SEE COWS

The manatees hide just below
the surface sticking up their heads
every few minutes, for a breath
or to thrill the tourists who watch
intently, because it is a thing to do
in this part of Florida in winter.

The restaurants in the harbor
don’t mind, it draws a crowd and takes
pressure off the kitchen, for people
waiting for sea mammals do not
grow impatient like those waiting
for just burgers or an order
of fried clams with a side of fries.

The manatees will never understand
humans, why they queue up in the sun
to eat animals, when the sea
provides a free feast for herbivores
if you are only willing to immerse
yourself in the search for a meal.

APART-IAL EXPLANATION

It is all to often debated
what sets humans apart
the other species, and that
will not be agreed any time soon
(which a cynic would note
is one such thing itself).

Freud would claim it is only
our ego, our sense of self,
which may explain why people
are so capable of being self-
ish, and I suspect he was
certain he was wholly correct
but I would give him only partial credit.

It is far simpler than that: record
your voice, record a Sandhill
crane and play them back
and I assure you that you
will say you sound nothing
like what the recorder heard
while the crane will nervously
look all around for his unseen kin.

MOVING PICTURE

Increasingly few can remember
the time when making a home movie
was an event unto itself,
when you didn’t strap the camera
to handlebars, helmet, dashboard or body,
but you hand-carried the damn thing
weighing a pound or two, you stuffed it
with film which you sent off to the lab
to have developed, hoping your story
would appear in the returning envelope.
You threaded the film onto the sprockets,
turned on the motor and lamp
and watched expectantly as images
always a bit under-or over-exposed
moved a bit jokingly across the screen.
There was nothing to upload, you knew
the image would fade over time, unless
the projector grew cranky or jammed
and you watched your memories
quite literally melt on the screen,
and the only numbers that mattered
weren’t megapixels and gigabytes but
millimeters, 8 for most, 16 for the wealthy.

PRAYER

We bow our heads
and utter words
not to the cicada
speaking through
a spring night
or the beetle
crawling slowly
across the leaf
searching for the edge.
We bid the crow
silent, the cat mewling
his hunger, just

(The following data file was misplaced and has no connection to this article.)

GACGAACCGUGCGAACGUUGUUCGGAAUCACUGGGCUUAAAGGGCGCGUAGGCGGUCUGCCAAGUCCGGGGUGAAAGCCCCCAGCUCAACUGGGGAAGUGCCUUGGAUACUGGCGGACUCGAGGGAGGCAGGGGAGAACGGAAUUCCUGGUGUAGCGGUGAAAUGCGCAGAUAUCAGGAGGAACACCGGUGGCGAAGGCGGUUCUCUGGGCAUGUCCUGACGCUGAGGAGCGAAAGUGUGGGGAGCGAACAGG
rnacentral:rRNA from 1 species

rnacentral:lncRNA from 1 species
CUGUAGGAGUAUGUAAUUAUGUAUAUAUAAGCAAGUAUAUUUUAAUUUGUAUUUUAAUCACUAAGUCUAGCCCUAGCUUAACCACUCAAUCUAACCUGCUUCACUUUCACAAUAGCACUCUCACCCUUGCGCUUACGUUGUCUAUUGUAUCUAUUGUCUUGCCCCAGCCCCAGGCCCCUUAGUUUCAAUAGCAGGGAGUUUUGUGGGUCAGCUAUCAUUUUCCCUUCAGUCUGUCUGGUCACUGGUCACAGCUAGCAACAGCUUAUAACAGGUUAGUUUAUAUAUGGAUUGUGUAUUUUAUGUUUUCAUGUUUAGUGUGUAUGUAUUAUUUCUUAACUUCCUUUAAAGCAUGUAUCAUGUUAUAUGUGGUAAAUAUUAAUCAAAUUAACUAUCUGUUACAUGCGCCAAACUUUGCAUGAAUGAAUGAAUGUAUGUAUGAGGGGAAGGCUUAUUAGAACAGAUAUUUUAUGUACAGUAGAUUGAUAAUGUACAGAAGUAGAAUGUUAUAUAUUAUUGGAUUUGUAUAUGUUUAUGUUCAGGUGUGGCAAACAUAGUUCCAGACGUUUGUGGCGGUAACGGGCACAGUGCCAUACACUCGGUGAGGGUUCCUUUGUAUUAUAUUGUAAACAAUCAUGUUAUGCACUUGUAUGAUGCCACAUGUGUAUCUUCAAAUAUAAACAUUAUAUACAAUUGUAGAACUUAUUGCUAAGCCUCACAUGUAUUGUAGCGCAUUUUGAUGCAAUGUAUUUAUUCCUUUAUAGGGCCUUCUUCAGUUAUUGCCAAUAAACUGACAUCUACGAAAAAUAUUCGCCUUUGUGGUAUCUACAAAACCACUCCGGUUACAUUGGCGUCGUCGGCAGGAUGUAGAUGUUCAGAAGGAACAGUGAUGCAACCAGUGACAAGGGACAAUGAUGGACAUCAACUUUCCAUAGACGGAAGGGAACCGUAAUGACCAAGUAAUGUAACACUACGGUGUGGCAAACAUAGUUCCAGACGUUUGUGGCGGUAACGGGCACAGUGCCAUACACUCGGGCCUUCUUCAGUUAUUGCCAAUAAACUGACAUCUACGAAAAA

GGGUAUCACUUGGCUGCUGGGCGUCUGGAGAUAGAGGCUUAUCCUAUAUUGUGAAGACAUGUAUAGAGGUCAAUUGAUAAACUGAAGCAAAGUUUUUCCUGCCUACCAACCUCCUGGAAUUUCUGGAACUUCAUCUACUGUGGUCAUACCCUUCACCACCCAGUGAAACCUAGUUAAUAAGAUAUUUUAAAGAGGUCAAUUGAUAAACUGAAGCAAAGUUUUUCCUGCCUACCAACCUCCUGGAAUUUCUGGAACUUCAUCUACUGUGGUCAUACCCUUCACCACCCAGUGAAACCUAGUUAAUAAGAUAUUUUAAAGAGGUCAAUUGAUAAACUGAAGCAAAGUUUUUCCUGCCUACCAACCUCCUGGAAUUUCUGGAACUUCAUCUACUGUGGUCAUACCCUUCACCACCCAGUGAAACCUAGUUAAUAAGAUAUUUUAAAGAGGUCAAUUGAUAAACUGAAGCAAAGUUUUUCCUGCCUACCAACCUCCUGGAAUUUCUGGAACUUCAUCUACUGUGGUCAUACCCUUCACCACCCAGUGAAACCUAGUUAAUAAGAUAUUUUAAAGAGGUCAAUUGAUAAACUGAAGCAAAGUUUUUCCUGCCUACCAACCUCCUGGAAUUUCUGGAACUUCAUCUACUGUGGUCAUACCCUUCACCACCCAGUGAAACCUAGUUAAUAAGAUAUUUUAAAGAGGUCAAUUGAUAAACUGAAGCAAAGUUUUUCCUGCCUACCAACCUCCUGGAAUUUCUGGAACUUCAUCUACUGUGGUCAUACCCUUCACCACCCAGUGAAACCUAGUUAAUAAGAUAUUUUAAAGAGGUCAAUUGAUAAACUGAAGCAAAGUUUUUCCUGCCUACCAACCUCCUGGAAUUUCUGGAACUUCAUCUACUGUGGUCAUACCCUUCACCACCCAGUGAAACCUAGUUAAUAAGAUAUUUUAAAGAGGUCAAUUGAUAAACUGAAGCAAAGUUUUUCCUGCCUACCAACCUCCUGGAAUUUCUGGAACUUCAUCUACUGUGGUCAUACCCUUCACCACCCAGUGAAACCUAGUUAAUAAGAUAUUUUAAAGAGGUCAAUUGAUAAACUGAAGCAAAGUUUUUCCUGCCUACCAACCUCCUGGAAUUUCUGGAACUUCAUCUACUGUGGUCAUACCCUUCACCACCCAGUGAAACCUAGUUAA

to crawl under a porch
awaiting morning,
the child to sleep.
The stream flows
slowly by, carrying
a blade of grass
and the early fallen leaf.


First appeared in Albatross, Issue 13, (2001)

RIVER

I know I should find a river
and just sit on its banks
and stare at the water flowing

I don’t have to step in it once
to know I couldn’t step in twice
if I wanted, so that problem’s solved.

And with dry feet, I can walk
along its banks with a bit more
jaunt in my step, which should

please the river, for I know that
it has long been watching me
as I frequently visit, and I would

like to think we are old friends,
at least that is what the lake
said during my last visit there.

BETWEEN

Between now and then,
between yesterday to and today,
between night and day,
between birth and death,
between good and evil,
between heaven and hell,
between light and dark,
between joy and sadness,
our lives occur
and we are so
seldom there
to see it happen,
lost in dreams
of what never will be,
never was.

FOR SPACIOUS SKIES

Two men, having reached
an indeterminate age, sit on old chairs
outside the small town grocery, it’s
neon beer sign half, flickering, around
the corner from the bank on main street.
One, plaid shirt tucked in coveralls,
one bib strap unbuckled, leans back,
takes a turn on his long neck, his cane
propped against his leg, thankful for the rest.
The other, denim shirt bleached in spots,
threadbare in others, pours the remains
of a bag of potato chips into the plastic bowl
resting atop the empty 50 gallon drum that is
at this moment a table, later a platform
for the checkerboard both are not
drunk or bored enough to bring out.
He opens a beer on the edge of the drum
and both look up smiling at the clearing sky
and a Saturday afternoon in the
only America they have ever known.